My level of excitement for new Halo games has dropped off over the years, as the series’ refinements stopped adding up to anything radically different. But a new feature in the upcoming Halo: Reach sounds like a game-changer, and it has nothing to do with shooting.
I’ll just quote Ars Technica’s Ben Kuchera, who got to sample the game’s multiplayer ahead of next month’s public beta:
You also have social settings to choose from, to make sure you play with people who match your style. Do you talk? Are you quiet? Do you play competitively, or simply to enjoy yourself? Do you go Rambo, or enjoy teamwork? Do you like a polite game, or are you a trash talker? By adjusting all these options you’ll be able to filter out people whose play styles may be distasteful, allowing you a better play experience.
The idea is so simple, yet so smart, that I wonder why no one’s thought of it before. Essentially, you’ll be able to play with like-minded people without manually cultivating lists of online friends. Given how obnoxious some online gamers can be, this could breathe new life into Xbox Live.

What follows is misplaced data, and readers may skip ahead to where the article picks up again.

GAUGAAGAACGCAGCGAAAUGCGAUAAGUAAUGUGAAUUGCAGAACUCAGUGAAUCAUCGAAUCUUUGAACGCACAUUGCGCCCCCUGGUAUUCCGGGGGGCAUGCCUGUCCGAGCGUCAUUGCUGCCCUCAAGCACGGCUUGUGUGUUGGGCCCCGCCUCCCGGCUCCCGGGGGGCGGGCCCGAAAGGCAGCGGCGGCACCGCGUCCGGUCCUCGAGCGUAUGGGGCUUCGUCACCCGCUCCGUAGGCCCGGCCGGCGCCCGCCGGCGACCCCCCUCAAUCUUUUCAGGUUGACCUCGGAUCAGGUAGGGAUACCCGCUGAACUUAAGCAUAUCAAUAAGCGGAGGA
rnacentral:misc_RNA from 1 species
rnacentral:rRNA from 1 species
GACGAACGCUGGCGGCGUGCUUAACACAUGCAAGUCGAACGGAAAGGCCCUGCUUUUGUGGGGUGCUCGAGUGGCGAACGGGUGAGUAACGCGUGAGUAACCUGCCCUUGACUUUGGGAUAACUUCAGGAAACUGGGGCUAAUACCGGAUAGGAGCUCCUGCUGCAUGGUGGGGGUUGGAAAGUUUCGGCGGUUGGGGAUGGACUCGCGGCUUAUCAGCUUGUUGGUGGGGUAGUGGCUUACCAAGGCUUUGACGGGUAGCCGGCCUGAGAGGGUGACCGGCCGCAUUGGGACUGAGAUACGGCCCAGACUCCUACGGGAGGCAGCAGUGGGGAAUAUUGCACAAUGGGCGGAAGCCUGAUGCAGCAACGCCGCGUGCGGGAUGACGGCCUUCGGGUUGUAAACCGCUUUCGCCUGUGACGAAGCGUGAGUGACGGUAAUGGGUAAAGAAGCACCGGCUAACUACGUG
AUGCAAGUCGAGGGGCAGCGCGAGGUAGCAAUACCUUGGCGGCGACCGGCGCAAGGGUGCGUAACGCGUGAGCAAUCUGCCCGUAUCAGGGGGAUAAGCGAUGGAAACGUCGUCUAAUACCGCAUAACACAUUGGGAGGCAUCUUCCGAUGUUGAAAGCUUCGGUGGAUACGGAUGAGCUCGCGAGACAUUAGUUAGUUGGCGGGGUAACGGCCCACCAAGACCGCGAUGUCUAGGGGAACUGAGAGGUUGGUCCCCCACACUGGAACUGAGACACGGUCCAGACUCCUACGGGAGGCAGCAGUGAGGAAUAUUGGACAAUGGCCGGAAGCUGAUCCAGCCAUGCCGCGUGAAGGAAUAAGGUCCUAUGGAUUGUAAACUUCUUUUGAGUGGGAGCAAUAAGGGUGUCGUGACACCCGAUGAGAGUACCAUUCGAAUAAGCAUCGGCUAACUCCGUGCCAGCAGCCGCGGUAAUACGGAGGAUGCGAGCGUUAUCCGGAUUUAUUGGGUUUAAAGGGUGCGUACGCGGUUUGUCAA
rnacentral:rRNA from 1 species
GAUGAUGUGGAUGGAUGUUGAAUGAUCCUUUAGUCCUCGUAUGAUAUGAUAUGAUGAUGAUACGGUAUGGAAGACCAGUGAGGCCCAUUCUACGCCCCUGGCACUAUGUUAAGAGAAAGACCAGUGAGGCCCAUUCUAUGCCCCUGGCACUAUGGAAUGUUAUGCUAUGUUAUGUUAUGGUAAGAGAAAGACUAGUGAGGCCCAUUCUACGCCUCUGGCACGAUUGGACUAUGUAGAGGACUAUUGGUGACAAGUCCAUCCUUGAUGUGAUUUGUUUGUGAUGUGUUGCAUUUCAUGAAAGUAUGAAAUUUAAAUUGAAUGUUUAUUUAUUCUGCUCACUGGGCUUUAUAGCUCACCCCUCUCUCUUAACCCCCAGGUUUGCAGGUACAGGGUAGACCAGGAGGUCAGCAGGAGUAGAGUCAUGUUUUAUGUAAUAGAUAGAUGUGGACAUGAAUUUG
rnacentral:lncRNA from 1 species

I’m reminded of when Halo 2 introduced matchmaking more than five years ago. The game automatically found players, created teams and chose maps to play on. At the time, online console games made you manually select from a list of open matches, and if you weren’t quick to join one, they’d fill up and you’d have to refresh the list. This system became unpopular as other games mimicked what Halo 2 pioneered.
The same thing ought to happen with Halo: Reach’s social settings, provided the developer, Bungie, can properly execute the concept.